Just be more careful when recovering a vehicle from now on - you have been educated! :D :geek:

John

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 Post subject: Snow in Australia :o
PostPosted: Mon Jul 25, 2016 10:58 am 
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So I woke up this morning and had a look outside. It had been snowing up in the mountains even though it was quite warm at 5 degrees.
Image

That hill is only 1700m, so about 1100m higher than where I live and only 10km away in a straight line. It is the start of a wilderness area that extends 100km to the west and about 50km north and south.

People usually don't associate Australia with snow but the SE normally has a good coverage in winter though Global Warming is having an impact here so we happy to still get a little snow. 25 years ago those mountains would be snow covered May to Sep but these days on odd days only.

As I know the road to that peak will be closed, I decided to head to a 1500m peak just to the north. So packed the woolies, the PLB (personal locator beacon) as there is no mobile phone coverage and if a life or death situation occurs I just push a button on the PLB and the Southcare Rescue Helicopter will come and get me about an hour later. Packed the tools, air compressor, tyre repair kit and Max Trax. I did forget my UHF radio and my blanket :(
Image

Headed off and on the way passed this dam that is part of the water system for Canberra.
Image
Was built about 5 years ago to increase the water storage - there was/is a smaller dam that was about 80 years old but it was heritage listed so could not be modified - so even though heritage listed they built the new dam 300m down stream and when the new dam filled the old one is underwater - the law says it cannot be modified but can be drowned :? - go figure.

This is where I was headed
Image

But when I got to the base of the mountain this is what I found - when it snows here everything is shut.
Image

So back onto the main road and up to Piccadilly Circus (just a road junction) and into the snow good and proper
Image

Image

So headed off on a track that was still open - I am often glad the Haffie has a good load capacity :lol:
Image

Later on the snow got a bit deeper but a vehicle had been through earlier and chopped up the track and cleaned off the snow from the centre - glad of the Haffie ground clearance as the mound in the center is quite high.
Image

Image

At the end of this section I came across this (taken after I was through)
Image

Left or right? Right was about 12" deep but much longer and the bottom was very soft. Left was shorter but 2' deep, hard a hard bottom but an ominous sign was logs in the water about 2/3 of the way through. I pulled them out and went left in 4wd and both diff locks in.
Image

Started off Ok but where the logs had been I bogged down and lost momentum but kept on crawling and slowly pulled out. When I bogged down I thought I really do need to get the winch on ;) . Forgot all about filming it - would have been good.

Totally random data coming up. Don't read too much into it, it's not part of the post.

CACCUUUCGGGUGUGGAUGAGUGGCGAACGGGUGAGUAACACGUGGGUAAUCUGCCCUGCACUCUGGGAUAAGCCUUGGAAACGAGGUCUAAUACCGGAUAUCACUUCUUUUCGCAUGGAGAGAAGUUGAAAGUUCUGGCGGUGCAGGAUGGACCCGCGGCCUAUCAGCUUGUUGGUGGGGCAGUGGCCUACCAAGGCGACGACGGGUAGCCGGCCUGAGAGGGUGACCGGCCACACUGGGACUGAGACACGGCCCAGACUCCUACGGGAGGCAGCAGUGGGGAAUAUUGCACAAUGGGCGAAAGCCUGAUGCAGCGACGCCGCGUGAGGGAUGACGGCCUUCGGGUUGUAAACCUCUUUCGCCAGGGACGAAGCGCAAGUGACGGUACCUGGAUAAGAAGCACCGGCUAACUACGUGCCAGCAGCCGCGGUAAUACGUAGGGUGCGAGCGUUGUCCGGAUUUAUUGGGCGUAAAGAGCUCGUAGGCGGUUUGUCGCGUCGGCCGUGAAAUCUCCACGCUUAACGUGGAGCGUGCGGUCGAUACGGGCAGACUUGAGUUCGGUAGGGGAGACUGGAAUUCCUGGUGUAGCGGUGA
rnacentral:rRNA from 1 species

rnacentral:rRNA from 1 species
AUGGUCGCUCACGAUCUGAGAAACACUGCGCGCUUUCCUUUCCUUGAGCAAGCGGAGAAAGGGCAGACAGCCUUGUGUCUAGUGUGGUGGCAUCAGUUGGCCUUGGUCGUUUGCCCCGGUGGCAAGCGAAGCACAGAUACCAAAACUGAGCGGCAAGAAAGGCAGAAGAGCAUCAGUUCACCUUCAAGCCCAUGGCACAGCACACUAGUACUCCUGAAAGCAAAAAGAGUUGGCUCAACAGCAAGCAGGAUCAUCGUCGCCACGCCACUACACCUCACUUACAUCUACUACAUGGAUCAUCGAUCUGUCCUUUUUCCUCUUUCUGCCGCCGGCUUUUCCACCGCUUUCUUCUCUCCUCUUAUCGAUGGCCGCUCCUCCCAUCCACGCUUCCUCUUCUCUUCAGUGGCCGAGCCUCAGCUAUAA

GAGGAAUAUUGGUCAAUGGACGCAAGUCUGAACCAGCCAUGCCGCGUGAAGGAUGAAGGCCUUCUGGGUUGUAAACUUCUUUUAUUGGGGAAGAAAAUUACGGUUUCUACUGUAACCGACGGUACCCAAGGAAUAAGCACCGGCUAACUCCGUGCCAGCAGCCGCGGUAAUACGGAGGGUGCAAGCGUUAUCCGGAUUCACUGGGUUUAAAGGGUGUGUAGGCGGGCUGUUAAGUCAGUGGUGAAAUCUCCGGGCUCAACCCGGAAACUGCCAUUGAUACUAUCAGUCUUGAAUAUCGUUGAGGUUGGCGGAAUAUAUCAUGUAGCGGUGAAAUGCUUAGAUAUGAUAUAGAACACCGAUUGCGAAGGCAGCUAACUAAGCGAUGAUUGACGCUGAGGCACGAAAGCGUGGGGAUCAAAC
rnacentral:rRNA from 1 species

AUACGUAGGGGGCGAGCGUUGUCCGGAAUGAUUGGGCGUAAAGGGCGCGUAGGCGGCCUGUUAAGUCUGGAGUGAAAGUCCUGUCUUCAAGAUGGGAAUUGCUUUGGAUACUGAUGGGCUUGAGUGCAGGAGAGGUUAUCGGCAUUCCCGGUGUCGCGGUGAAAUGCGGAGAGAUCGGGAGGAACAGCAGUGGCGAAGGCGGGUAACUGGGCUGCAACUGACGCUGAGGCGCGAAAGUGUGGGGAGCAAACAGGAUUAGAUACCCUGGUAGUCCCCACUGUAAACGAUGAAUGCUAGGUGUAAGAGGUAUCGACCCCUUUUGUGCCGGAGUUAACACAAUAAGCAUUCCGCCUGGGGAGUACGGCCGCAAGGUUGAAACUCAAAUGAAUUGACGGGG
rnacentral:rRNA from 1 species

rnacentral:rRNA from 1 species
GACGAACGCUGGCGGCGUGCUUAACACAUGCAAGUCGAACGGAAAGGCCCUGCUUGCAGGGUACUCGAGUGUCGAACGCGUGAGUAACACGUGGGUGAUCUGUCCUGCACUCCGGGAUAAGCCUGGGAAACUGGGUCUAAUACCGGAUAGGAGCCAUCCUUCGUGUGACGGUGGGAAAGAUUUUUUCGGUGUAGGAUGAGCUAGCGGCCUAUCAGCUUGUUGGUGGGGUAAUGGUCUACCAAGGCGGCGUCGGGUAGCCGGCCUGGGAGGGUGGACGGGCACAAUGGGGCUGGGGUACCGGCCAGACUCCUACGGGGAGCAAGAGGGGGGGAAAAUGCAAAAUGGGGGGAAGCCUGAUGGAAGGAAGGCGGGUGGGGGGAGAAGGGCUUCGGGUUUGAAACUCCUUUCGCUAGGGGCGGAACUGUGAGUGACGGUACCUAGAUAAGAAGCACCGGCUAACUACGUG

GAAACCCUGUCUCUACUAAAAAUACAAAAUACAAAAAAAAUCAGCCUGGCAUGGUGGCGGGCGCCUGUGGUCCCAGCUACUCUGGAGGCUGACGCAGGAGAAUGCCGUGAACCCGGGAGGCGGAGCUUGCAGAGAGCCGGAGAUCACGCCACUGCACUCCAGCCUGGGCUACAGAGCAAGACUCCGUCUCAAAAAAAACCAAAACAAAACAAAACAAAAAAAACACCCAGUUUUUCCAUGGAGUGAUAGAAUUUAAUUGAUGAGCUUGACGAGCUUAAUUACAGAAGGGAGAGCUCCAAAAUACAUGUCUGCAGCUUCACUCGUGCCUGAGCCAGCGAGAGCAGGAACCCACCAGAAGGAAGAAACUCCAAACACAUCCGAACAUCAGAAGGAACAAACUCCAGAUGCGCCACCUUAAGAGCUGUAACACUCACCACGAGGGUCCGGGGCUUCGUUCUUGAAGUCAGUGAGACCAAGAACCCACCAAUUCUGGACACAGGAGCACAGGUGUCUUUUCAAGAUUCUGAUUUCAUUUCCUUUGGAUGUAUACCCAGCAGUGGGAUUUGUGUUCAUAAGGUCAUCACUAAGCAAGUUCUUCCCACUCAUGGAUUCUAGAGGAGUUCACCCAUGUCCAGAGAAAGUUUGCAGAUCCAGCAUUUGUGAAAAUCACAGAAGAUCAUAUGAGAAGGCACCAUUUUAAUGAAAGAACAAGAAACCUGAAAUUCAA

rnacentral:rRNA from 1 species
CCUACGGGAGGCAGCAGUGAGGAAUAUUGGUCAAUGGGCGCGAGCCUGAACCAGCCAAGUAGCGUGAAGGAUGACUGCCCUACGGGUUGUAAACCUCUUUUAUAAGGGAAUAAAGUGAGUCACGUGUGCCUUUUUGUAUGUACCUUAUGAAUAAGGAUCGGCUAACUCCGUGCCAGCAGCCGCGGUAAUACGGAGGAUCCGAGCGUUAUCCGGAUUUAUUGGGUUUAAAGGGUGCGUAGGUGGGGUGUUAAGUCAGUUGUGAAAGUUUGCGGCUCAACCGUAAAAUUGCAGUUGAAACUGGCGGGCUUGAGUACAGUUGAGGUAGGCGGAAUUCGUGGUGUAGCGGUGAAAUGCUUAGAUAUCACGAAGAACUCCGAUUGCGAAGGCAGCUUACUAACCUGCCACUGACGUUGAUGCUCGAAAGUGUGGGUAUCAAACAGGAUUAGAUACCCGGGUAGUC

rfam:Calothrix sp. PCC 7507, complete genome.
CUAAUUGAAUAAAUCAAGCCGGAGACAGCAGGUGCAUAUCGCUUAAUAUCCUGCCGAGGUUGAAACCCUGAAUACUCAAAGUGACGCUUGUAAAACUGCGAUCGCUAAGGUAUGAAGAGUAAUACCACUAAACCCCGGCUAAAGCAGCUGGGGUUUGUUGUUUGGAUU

After getting through and back onto the main track I spotted a Isuzu ute coming towards me sideways - he had spotted me first and slammed on the brakes sending him sideways in the slush - it was then I spotted him coming sideways and was able to steer around him - partly my fault because I should have spotted him earlier.

After that it was an uneventful trip back home except with the brakes full of muddy water emergency stops got interesting. I will need to clean them out.

I covered about 130km all up and the Haffie went well :). Outside temps were about -2 but inside was about 10 until I had to open the window to defrost the inside of the windscreen. Not having a heater is not so much a worry for me but I need to get some sort of demister set up as it always fogs up when cold and damp.

The Mud and Snow tyres were constantly clogged up with snow and mud and created a bit of slip and slide - especially with the short wheelbase. Decent mud tyres are really needed for these conditions. The engine while it ran fine, did not seem to like the 900m higher altitude - always ran and started but I think it was running rich. When I got back down onto sealed roads performance was back and happy to cruise at 75-80kph so altitude does change the engine tune a bit.

When I hosed the car down I was surprised at the amount of muddy water that had been splashed around the engine bay and the amount of crap sucked in by the engine cooling fan (the gauze in the rear engine door was caked with mud) - I will need to remove the fan covers and see how much mud got around the actual engine and oil cooler.

Anyway - an enjoyable day, if a bit cold.

Garry

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Last edited by garrycol on Mon Jul 25, 2016 12:34 pm, edited 1 time in total.

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PostPosted: Mon Jul 25, 2016 11:57 am 
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Nice write up and photos Garry! Seeing that snow brought back memories of our winter and made me shiver - it's the middle of summer here now in the UK and although it's not that dry it's a lot warmer than where you were.

Great to see you using it off-road; it's well worth pulling of the wheels and the brake drums, washing out with clean water and drying them - I do that after every trial. Even though the drums have drainage holes they still hold a lot of debris which can accelerate wear.

I try and stay away from deep muddy water but sometimes it's inevitable - the fan really throws it about in the engine bay, but it doesn't seem to get inside the cowls.

Cheers,

John


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PostPosted: Mon Jul 25, 2016 12:33 pm 
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Hi John - yes I try to steer clear of deep muddy water but had no choice other than going back. I wasn't expecting that as I had been there before and it has always been clear - but is a bit warm and the snow normally lasts a day and was well on its way to being melted.

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Landrover FC 101 (77)
Landrover Series 1 SWB Station Wagon (57)
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Jaguar E-type Roadster V12 (71)